3 different types of career changes
Why would you have to change your current job?
There are 3 main reasons normally used for changing you career.
- Involuntary career change
- Normal career change
- Major career change
Involuntary career change
As it says – “Involuntary” – it is out of your hands, you might be the one making the decision to make the career change, but it is what you could call a “force majeure” or a “greater force” decision. Below you can see examples of this:
- Your new job was not as agreed in the contract
- Redundancy caused by merger, acquisition, takeover
- Redundancy caused by outsourcing to more competitive countries/companies
- Redundancy caused by loss of market share or position
- Conflict with new management after a merger or takeover; there is simply not enough chemistry between the new parties who needs to work together
“Involuntary” career change demands the best of you and your network. Sometimes it is frustrating and you would say “Why me!”. But the only thing that works in that situation is to start to plan the changes ahead in a rationally way. Before the situation becomes unbearable for you start planning your next moves and try to focus on the future instead of the past. Use you past positively and make your CV the best CV around. Activate you network and have all your listening antennas up and ready to tune in to possible opportunities. If you manage to get through this hard period of your life, you will get some valuable experience of ”change management” that would be an asset to a new employer and you can certainly talk about having coped effectively with crisis!
Normal career change
The most common career change scenario you probably already have experienced is that you believe and wants to have a better job with more rewards within your line of work. You are unsatisfied with your current employer who has for instance in salary and bonus issues dragged his feet and maybe a new company offers you more for your line of expertise. The first thing you should do is to take control of your CV and make it updated and exactly right for your next job. Then start networking, scanning for possible jobs, begin approaching agencies and headhunters. What you need is an up-to-date CV and a perfect cover-letter that explains what you are trying to achieve, and why you think you are ready to do a career move. These should be prepared before you make actually contact with any new employer or headhunter. This also needs to be done for you to be sure why and what you want and not just take the first available position you find. Have a look in our other Comoto CV Tips to get some ideas on how to write the perfect CV and remember to target your CV to the actual job at hand.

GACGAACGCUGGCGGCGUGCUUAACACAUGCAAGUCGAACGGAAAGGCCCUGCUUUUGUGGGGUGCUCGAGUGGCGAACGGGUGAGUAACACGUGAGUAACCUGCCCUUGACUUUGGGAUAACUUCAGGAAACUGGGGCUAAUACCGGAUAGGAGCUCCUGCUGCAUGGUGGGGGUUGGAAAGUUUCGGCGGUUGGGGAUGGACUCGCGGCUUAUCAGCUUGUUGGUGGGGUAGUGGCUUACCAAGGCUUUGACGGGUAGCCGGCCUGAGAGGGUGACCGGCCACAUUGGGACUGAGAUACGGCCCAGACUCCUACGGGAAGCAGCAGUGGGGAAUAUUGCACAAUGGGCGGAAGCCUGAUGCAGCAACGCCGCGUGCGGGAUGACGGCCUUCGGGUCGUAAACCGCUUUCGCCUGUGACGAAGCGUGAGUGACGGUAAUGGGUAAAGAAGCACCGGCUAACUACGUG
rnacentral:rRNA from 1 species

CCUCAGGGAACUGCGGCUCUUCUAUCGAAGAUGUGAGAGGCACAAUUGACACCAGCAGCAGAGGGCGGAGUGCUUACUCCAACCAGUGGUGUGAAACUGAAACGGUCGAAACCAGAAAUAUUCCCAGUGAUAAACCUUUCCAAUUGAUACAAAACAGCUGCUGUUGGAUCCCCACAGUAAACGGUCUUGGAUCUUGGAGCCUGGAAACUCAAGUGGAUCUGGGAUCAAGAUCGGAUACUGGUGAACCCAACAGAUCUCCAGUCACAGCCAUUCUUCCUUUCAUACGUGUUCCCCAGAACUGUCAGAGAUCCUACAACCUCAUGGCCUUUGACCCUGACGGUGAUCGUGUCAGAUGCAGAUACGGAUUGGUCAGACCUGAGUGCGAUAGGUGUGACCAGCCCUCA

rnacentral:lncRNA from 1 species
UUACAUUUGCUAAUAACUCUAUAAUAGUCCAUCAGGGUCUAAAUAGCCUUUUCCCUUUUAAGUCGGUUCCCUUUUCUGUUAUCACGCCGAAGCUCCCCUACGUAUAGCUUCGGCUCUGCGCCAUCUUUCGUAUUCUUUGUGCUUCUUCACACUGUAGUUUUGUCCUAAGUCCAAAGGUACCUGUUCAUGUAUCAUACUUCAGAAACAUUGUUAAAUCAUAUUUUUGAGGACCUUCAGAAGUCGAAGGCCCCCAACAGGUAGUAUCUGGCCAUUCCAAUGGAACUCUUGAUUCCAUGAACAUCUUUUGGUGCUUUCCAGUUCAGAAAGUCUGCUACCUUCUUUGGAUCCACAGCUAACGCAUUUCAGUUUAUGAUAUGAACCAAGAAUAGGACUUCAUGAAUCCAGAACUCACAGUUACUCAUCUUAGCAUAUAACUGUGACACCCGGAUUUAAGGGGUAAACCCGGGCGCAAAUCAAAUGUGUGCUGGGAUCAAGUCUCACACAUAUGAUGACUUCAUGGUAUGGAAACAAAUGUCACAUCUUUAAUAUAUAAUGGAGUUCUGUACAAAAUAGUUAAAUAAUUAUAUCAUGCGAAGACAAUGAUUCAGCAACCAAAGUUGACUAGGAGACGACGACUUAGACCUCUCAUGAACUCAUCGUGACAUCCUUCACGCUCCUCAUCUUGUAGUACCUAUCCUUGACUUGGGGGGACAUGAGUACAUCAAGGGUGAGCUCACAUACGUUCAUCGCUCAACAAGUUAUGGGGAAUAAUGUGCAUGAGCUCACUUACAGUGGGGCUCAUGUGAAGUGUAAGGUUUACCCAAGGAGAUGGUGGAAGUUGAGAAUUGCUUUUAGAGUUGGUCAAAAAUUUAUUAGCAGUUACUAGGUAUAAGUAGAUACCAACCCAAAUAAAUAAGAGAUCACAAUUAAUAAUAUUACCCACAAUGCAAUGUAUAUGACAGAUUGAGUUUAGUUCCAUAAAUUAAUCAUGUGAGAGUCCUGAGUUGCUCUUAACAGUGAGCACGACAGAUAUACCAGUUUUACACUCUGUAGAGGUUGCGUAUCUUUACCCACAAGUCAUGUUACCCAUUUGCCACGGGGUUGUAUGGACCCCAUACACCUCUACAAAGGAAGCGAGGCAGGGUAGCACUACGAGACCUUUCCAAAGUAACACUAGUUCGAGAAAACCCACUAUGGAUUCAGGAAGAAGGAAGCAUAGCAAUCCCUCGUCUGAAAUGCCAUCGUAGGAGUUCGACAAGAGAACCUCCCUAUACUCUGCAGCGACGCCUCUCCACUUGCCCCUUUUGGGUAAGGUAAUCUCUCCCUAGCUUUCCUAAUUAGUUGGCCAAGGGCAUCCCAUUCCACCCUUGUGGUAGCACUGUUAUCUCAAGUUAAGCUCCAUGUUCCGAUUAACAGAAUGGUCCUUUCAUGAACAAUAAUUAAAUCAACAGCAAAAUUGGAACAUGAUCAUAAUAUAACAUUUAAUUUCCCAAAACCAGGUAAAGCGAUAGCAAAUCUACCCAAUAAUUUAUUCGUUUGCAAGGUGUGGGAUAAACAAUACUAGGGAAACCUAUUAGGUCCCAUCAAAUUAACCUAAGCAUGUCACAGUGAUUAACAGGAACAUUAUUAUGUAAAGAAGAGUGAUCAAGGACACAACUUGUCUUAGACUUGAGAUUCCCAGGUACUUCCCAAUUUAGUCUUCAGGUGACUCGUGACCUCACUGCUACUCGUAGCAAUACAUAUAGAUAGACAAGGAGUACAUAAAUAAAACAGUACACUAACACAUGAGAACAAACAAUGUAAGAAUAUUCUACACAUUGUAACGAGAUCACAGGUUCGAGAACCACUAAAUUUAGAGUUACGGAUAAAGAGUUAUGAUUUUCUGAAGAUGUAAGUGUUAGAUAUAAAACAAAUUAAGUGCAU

Major career change
If you want make a complete change in your occupation – after having for instance finished a new education, returning after motherhood, returning from a period abroad, served in the military or you are just feed up with the sector you work in and want to make a major shift into something that you will find more interest in, this will demand all your senses and competences to do so, and especially in the case you need to do this in a rational and controlled manner. You will also need to do this as if it was an exercise or project. It is not something that cannot be done overnight or just by making a new CV and then go job hunting as you go away from safe haven and enter unchartered waters therefore proper planning is a must. You might have to do this over time and get your network working for you, but be aware not to disclose anything for people who might become a whistleblower and go behind your back. Because then a simple wish to try something new can lead to an “involuntary” career change.
Good luck in your career change